PS_The National PS_Arcade Fire PS_Neutral Milk Hotel by Will Westbrook

183 concerts, 8 stages, 3 days, 2 tired legs, 1 long wishlist
A music geek’s guide for survival, clash & crisis management, and what you should discover

Thousands around the world held their breaths on a cold evening late-January, as Line-up the movie finally put an end to end the mystery surrounding that pressing question asked every year: Which artists are confirmed to perform at Primavera Sound this year?

The movie playfully dropped hints for 24 minutes, and rolled the credits, which revealed 2014´s virtually never-ending lineup. And officially started the Primavera season.

The 183 acts confirmed as of the end of April encompass many different musical genres, from avant-garde experimental electronic to unadulterated indie-pop, folk rock, R&B, along with different genre revivals, fusions, and genre-defying avant-garde, to jazz infused African rhythms of Antibalas, along with the soft, sad and sweet bossa nova of the living legend of Brazilian music Caetano Veloso, to name a few.

The lineup offers music that has inspired generations over four decades, and is a rare opportunity to experience a musical journey that shows how history is made, by idols and those who get their influences from them perform one after another.

Even the smaller group of world-famous headliners represent decades. Certain common or complementary features of the artists create a cohesion that culminates in a lineup whose eclectic styles, looks and sounds almost mirror the distinctive mood and flavor of what music is today.

The Primavera Sound signature in music has increasingly become a symbol of quality guarantee throughout its 13 years. This means the festival can be experienced in as many ways as the number of people who attend it.

Pre-festival studying and preparation
Not required, but strongly recommended for those who take music seriously. Knowing your options, and familiarity with what’s on the festival’s large menu means making smart choices during the festival. It helps have more fun at the festival, gives you different perspectives, and is a fun process by itself.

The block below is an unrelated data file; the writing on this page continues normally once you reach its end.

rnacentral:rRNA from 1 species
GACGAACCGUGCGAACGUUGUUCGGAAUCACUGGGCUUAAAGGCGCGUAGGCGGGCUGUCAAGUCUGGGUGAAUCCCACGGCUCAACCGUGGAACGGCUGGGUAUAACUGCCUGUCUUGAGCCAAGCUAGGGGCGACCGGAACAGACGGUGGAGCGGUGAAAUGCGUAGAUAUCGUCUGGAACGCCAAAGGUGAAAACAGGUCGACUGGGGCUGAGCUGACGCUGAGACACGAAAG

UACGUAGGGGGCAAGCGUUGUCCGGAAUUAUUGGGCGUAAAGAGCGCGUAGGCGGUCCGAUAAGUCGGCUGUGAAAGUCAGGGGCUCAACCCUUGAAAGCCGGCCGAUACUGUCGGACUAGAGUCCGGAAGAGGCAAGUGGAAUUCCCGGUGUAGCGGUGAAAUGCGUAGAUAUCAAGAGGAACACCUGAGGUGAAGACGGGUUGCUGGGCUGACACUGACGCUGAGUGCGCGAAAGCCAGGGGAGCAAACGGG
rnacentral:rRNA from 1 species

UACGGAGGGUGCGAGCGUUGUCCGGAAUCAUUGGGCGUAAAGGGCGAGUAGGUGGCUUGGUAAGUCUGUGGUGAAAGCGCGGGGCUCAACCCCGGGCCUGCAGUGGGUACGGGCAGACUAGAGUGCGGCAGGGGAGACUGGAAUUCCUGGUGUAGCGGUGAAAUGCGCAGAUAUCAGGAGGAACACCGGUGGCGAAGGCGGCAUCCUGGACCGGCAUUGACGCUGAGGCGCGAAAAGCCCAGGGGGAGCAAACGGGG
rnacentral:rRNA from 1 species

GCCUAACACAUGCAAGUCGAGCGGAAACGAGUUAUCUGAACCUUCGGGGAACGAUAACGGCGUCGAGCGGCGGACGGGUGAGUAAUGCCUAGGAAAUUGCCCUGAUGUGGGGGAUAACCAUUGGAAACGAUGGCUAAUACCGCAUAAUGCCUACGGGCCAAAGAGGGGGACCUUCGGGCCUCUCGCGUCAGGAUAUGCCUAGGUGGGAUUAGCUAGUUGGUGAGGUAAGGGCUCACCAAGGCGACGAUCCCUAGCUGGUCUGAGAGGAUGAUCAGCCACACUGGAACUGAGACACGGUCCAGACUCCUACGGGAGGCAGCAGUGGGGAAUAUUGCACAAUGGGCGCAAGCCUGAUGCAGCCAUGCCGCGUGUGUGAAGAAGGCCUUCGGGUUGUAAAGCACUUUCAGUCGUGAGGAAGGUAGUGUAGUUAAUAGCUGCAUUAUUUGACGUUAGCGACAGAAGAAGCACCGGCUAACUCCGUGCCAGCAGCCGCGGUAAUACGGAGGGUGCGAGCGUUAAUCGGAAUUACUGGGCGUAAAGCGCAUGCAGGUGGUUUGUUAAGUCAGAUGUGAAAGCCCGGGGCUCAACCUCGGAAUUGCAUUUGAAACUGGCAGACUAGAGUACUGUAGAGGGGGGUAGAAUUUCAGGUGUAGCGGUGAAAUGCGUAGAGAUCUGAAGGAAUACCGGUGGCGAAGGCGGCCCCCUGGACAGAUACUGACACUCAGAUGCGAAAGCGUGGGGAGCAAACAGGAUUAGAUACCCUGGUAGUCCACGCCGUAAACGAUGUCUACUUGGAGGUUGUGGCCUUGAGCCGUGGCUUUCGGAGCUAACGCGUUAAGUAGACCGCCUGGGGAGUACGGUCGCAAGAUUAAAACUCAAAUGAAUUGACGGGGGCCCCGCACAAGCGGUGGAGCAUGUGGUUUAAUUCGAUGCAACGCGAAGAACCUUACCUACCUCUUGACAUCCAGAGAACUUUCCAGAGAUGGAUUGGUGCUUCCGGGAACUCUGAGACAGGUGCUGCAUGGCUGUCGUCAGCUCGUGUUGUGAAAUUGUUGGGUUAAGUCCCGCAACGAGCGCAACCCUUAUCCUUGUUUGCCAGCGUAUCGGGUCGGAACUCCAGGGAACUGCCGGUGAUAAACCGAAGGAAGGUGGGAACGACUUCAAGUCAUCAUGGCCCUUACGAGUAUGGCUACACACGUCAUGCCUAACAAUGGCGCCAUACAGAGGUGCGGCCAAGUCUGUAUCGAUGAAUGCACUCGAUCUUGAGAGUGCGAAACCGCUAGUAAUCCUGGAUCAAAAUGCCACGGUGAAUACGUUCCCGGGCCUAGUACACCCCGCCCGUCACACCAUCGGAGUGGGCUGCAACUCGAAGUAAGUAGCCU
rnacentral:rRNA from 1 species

If you are looking for ideas to diversify your schedule, or give a distinctive sound, you need to know what you have to discover what works with them. Don’t overthink; let the music inspire and guide you.

Start within your comfort zone, and gradually expand, extending into the unknown. Try to fill in the gaps in your schedule first, and avoid creating clashes with your must-see concerts.

It may sound counterintuitive, but an open mind and a healthy flexibility margin in following plans goes a long way, and prove to be much more efficient and fun. A rigid attitude, overthinking, and trying to stick to a tightly packed schedule, can easily backfire.

Ultimately, the trick is being ready and willing to roll with the punches after taking enough time research, learn, listen, make lists, more lists, schedules, alternative schedules, and back up plans. The objective of preparation is not coming up with the perfect, infallible schedule or plan, but through the process realize what you want out of the festival experience.

Make concert wishlists, one for each day of the festival, as soon as you feel like you know what you want, then update as them with changes them as you wish. Assign artists to two or three groups – try to avoid more specific priority orders, but know your “must-see”s.

Make another list with groups that indicate the likelihood of getting another opportunity to see those groups live again. Anything that is both on the “must-see” and “not at all likely” list automatically should go on your schedule. Indicate their special status. In case circumstantial factors such as exhaustion, bad weather or long distances start trampling all over your plans, you remember not to let them fall through, even if others do.

Keep in mind that:
– Sometimes less is more. To experience concerts fully, be there for them, from the start to the end.

– Try to avoid getting overambitious and attempt to see parts of multiple concerts. It is risky, and only works for partial clashes. Otherwise you might end up not seeing anything.

– Use the powers of wisely.

– Even if you choose not to prepare and instead improvise, make sure to know the basics. At the very least take a look at the schedule, and know where the stages are.

– Do not underestimate the effects of alcohol and pace yourself. Otherwise you might end up with a big hangover by the time the headliners hit the stage. Or worse, pass out and miss it…

– Do not underestimate the distances between stages; nor let them scare you too much.

– Try to avoid having to play real-life “Where’s Waldo” during the festival… Know that meeting up with a friend at the festival area might turn into a never-ending ordeal. Do not rely on your phones – they probably won’t work, especially when it’s crowded.

Don’t forget that the festival is citywide, mostly free events for over a week. Look it up. You won’t regret it.